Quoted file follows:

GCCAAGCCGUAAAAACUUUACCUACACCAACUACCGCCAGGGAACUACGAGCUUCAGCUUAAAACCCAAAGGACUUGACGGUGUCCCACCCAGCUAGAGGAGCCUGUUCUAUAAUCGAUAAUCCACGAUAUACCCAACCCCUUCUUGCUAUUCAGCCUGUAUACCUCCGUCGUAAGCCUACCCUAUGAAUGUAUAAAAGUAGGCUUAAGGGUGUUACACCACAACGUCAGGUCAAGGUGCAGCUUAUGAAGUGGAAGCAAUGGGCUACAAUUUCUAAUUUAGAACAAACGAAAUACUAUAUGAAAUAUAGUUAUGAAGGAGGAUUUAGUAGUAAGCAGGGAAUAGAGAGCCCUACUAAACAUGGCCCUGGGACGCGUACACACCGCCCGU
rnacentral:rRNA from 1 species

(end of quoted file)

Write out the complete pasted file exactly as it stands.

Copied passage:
GCCAAGCCGUAAAAACUUUACCUACACCAACUACCGCCAGGGAACUACGAGCUUCAGCUUAAAACCCAAAGGACUUGACGGUGUCCCACCCAGCUAGAGGAGCCUGUUCUAUAAUCGAUAAUCCACGAUAUACCCAACCCCUUCUUGCUAUUCAGCCUGUAUACCUCCGUCGUAAGCCUACCCUAUGAAUGUAUAAAAGUAGGCUUAAGGGUGUUACACCACAACGUCAGGUCAAGGUGCAGCUUAUGAAGUGGAAGCAAUGGGCUACAAUUUCUAAUUUAGAACAAACGAAAUACUAUAUGAAAUAUAGUUAUGAAGGAGGAUUUAGUAGUAAGCAGGGAAUAGAGAGCCCUACUAAACAUGGCCCUGGGACGCGUACACACCGCCCGU
rnacentral:rRNA from 1 species